Florence was tough to research because most of the information available about her just deals with her business.  There’s very little about her personal life.  What I know of that comes from people I meet who knew her. That’s the big difference between a real and fictional character, especially one from recent history. People come to the show who knew her.  It’s both a thrill and completely daunting, as I want to do her justice.  In the end, though, we have fictionalized her in order to tell a story.  So I have to play her the way you would any character, by finding who she is in the play.

What is it about Baby It’s You that’s made it catch on with audiences? 

The music is just fantastic. We have incredible singers doing classic rock songs. This music has lasted for a reason.  It’s joyful and soulful and infectious.   And there’s the story of this incredible woman.  

How would you describe it to someone who knows nothing about it or Florence Greenberg’s story?

In 1958, Mrs. Greenberg was a well-to-do housewife with two grown children, but she was bursting with creativity and the passion to do something extraordinary.   Instead of allowing herself to be stifled, or giving herself some traditional outlet for her quaint desire to have a job, she fought her way to the top of the brand new, very tough, male-dominated (well, everything was) young, rock-music industry.  And had an interracial affair on top of it.   She discovered and nurtured the talents of the first super-successful African-American female vocal group.  They broke down barriers and so did she.  This was a brilliant, passionate, driven, sexy woman, who paved the way for the rest of us. It’s hard not to be caught up in her struggle.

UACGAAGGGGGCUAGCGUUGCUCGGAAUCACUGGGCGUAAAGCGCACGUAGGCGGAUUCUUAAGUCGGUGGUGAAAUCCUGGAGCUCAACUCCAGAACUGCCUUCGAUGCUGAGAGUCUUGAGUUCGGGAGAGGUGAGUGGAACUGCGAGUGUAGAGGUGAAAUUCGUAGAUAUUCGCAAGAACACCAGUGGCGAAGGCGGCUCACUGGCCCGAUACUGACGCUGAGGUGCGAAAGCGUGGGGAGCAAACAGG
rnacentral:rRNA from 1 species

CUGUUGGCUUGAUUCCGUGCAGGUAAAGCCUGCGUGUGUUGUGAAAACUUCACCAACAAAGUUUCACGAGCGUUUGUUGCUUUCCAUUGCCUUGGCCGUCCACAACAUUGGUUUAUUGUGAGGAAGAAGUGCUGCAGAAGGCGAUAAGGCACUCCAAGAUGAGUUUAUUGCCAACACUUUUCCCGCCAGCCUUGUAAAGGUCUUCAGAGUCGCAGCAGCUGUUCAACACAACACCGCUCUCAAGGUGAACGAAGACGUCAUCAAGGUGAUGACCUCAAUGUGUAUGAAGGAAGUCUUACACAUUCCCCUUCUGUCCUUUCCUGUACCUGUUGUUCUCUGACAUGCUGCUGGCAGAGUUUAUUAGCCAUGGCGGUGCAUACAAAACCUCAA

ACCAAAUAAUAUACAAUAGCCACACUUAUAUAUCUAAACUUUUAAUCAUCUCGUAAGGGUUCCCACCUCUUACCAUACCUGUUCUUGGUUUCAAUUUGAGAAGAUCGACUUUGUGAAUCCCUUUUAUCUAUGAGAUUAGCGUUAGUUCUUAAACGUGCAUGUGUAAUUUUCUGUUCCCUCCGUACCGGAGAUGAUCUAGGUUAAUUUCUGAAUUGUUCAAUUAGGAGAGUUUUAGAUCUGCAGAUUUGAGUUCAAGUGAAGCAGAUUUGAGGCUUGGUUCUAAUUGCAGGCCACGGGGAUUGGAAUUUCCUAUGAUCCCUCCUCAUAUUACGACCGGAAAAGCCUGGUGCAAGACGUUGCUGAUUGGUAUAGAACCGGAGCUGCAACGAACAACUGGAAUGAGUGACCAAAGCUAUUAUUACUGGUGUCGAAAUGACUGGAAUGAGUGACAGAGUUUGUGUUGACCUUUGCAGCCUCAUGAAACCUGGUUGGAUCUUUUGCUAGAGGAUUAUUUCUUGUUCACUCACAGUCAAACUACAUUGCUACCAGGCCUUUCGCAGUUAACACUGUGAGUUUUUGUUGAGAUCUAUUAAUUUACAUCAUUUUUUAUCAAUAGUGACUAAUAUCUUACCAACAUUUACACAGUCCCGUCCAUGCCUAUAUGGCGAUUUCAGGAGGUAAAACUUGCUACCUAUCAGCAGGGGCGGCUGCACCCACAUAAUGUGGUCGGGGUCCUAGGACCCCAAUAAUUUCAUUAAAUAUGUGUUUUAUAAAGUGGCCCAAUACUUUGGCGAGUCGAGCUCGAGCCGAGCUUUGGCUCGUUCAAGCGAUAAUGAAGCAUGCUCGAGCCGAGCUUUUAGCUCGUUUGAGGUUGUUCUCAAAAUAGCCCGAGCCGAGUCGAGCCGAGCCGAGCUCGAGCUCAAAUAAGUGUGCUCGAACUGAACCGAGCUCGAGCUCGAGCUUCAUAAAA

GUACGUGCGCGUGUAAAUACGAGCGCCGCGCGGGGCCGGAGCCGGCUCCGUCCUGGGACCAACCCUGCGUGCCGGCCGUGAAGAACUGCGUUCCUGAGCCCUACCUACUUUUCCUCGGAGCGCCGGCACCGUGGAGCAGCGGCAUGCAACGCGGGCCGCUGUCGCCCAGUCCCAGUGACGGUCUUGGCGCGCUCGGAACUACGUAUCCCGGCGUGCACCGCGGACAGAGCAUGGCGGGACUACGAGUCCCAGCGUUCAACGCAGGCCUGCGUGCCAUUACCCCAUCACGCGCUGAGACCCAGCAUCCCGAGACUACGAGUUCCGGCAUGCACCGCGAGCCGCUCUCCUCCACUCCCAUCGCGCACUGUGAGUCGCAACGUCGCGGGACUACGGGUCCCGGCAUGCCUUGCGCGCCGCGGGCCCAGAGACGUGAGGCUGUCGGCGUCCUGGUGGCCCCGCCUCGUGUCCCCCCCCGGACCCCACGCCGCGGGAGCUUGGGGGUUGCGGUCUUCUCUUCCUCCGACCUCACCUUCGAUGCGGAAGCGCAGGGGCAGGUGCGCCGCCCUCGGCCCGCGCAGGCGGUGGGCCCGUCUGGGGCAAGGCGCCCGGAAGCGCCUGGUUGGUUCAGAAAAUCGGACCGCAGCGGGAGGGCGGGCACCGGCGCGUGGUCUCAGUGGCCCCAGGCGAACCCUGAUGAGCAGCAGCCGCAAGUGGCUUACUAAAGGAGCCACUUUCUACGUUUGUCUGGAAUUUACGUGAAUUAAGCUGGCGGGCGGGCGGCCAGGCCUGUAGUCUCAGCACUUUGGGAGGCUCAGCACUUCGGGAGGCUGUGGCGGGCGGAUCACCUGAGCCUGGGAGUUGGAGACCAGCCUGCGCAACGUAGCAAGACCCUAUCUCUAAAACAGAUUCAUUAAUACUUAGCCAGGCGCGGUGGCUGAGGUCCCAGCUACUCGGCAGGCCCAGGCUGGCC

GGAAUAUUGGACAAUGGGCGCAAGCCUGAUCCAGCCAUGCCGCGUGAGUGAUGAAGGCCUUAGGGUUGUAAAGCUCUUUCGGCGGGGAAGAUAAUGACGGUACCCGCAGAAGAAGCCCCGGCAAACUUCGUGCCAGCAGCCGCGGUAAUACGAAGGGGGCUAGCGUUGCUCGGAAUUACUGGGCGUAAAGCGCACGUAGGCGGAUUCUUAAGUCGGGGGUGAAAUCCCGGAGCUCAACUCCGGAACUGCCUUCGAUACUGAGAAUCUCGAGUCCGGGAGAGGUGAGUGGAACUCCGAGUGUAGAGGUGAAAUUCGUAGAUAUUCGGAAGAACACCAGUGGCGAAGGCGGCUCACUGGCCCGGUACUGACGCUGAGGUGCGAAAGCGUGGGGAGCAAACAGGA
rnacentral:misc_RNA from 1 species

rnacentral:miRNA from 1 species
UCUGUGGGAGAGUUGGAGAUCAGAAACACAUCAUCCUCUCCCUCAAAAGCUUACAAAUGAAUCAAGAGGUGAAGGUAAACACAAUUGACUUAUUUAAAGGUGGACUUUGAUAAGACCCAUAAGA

Meeghan in The Spirit

You’ve also done films, including Frank Miller’s The Spirit, and your most recent imdb credit is for an upcoming Tim Allen-directed film called Crazy On The Outlook, with quite an impressive cast including Allen and Sigourney Weaver. Can you talk a bit about that project?

Oh, that was a lot of fun. Tim is a terrific director.  As an actor, he knows how to talk to actors and that was a luxury.  The film is funny and sweet and I’m really thrilled that I got to be a part of it.

I understand you’ve also tried your hand at screenwriting, having co-authored the script for a thriller called Blind Spot. What made you decide to undertake screenwriting? 

I was doing a television show in Toronto and one of the writers, Grace McKeaney, and I got to be friends. She lives in L.A. and contacted me after the show ended to ask if I would like to be her writing partner on a feature film script.  So we did it.  We wrote a thriller called Blind Spot, which was one of the winners of the Filmmakers International Screenwriting contest. That was nice validation.  We wrote another script, but then I got so busy with acting projects that I had to put everything else on hold for a while.  I really enjoyed writing and I’m very proud of the two scripts.  I’d love to see something happen with them. 

Actor, singer, writer … in which direction do you see your career moving, or where would you like to see it move? 

I’d really love the chance to do more movies.  Like theater, you get to create a unique character over two hours, but unlike theater, it’s preserved forever. Also, you get to bond with a group of people over a shoot, like you do during the run of a play. And it’s just a completely different acting challenge. And I love that. And naturally, I’d love to see Baby It’s You! make it to Broadway. That would be an incredible thrill and an honor. 
Thanks so much, Meeghan, for taking time to answer our questions!

Meeghan’s Imdb Page